Cork bus services missing targets

Cork bus services missing targets

Almost a quarter of city bus services in Cork operated by Bus Éireann failed to meet any targets for punctuality last year. New figures published by the National Transport Authority show five out of 21 routes missed the required punctuality rate set for each of 13 four-week periods during 2018.

The 214 service between St Patrick’s Street and Cork University Hospital had an average punctuality rate of 42% and the 223 route from the city centre to Haulbowline had an average punctuality rate of 46%. The others were the 216 Mount Oval-CUH route (44%); the 220 Ovens to Carrigaline service via the city centre (45%) and the 220X from Ovens to Fountainstown (47%).

Low frequency services —the majority of regional city routes operated by Bus Éireann — are classified as punctual if they depart from each bus stop along a route not more than one minute early and not more than 5 minutes and 59 seconds later than the scheduled departure time. Punctuality targets differ throughout the year as traffic conditions have a significant impact on performance.

The targets are set to take into account a number of factors including school terms and weather with traffic congestion levels generally lower during the summer.

The targets last year ranged from 54% in autumn/early winter to 55% in summer.

The NTA has been raising target rates since 2017 and they are set in the range 62-63% for 2019.

Only one Bus Éireann service in Cork met all of its targets on punctuality last year — the 202 route. The service, which runs between the Apple campus in Holyhill and Mahon had an average punctuality rate of 61%.

Other routes which had a comparatively good record for being on time in 2018 were the 226 service from Cork railway station to Kinsale and the 215A from Jacob’s Island to the South Mall which both had an average punctuality rate of 57%.

High-frequency routes — those which operate at least every 15 minutes outside peak periods — are currently excluded from the requirement to meet punctuality targets for the purpose of calculating if Bus Éireann meets the terms of its service contract with the NTA. There are four high frequency routes in Cork including the 202. The others are the 205, 206 and 208.

An NTA spokesperson said it measured punctuality based on the overall bus network operated by Bus Éireann in the main regional cities and towns rather than on individual routes. “If network-wide performance falls below contractual targets in any four-week reporting period, performance payment deductions will apply,” the spokesman said.

Although overall punctuality rates are increasing, Bus Éireann still missed all targets for the first three quarters of 2018, narrowly. The State-owned bus company can lose up to 5% of the value of its annual State contract if it fails to meet punctuality targets – a potential loss of €2.75m last year.

The NTA spokesperson said punctuality performance by Bus Éireann had “recovered significantly” after alterations to timetables during 2018 and exceeded targets towards the end of the year on a network-wide basis.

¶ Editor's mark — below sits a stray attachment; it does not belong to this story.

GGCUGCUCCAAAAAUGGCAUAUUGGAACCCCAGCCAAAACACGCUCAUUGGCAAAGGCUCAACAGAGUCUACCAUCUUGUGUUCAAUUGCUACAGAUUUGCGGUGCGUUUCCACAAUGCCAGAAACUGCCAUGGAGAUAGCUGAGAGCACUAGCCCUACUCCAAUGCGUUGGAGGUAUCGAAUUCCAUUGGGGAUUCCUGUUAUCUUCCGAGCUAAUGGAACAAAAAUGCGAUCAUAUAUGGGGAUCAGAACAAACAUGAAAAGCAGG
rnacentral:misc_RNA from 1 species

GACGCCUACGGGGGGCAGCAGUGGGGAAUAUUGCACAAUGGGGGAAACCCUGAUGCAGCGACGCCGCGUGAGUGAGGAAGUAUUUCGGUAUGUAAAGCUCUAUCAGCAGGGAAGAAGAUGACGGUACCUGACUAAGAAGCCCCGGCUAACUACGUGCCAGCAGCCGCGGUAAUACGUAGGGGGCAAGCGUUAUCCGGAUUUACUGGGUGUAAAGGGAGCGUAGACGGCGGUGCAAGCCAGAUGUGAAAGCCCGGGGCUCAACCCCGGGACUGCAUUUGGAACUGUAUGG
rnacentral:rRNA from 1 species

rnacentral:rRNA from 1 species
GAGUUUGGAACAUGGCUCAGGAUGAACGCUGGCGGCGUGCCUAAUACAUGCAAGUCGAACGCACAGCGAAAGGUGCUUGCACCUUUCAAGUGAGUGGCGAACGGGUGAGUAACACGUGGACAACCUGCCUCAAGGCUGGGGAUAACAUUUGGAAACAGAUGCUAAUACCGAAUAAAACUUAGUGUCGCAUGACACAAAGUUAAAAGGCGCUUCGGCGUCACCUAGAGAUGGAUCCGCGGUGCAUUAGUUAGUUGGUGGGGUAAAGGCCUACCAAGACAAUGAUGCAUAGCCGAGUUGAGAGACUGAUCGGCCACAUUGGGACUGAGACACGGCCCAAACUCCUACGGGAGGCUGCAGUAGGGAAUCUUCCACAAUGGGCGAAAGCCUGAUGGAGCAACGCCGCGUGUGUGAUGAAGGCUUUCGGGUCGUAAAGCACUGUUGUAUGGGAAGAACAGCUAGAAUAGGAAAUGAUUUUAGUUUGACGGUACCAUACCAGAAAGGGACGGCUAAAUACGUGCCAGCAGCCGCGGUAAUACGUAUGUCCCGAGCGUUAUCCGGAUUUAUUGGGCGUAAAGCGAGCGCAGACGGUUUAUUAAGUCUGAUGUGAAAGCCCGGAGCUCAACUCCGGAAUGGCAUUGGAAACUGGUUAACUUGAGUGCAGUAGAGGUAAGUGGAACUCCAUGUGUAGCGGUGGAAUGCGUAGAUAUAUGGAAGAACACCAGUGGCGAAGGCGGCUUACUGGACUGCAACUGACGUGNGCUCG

More on this topic

Children can travel free with on public transport until end of JulyChildren can travel free with on public transport until end of July

Government to fund all counties with evening busesGovernment to fund all counties with evening buses

Senator calls for 'dedicated public transport police unit' to be introducedSenator calls for 'dedicated public transport police unit' to be introduced

New Metrolink south route set to stop at CharlemontNew Metrolink south route set to stop at Charlemont

More in this Section

Murder accused 'wouldn’t be in current situation' had she not been abused as child, court hearsMurder accused 'wouldn’t be in current situation' had she not been abused as child, court hears

Boy, 17, missing in DublinBoy, 17, missing in Dublin

'Those cows would have been coming to me” - Cork farmer claiming €1.6m in damages"Those cows would have been coming to me” - Cork farmer claiming €1.6m in damages

'We'd prefer to be working' - Ambulance staff begin second day of strike over union recognition'We'd prefer to be working' - Ambulance staff begin second day of strike over union recognition


Lifestyle

Garbage offered a pop twist on grunge’s maximalist angst when they materialised in a dramatic swirl in the mid-Nineties. Like a candy-cane Nirvana, they were bleak and baroque but with tunes you could hum in the dark.Garbage's return to Dublin well worth the wait

Circle back to fashion's hottest retro print, says Annmarie O'Connor.Trend of the Week: Circling back to fashion's hottest retro print

Ever wondered what it would be like to move lock, stock and barrel into a tiny home, like the ones on Netflix’s Tiny House Nation?Are you ready to join the tiny-house movement?

Kya deLongchamps reports back on the performance of her photovoltaic array and wonders if it could handle the addition of an electric carDIY: Get ready for a natural high

More From The Irish Examiner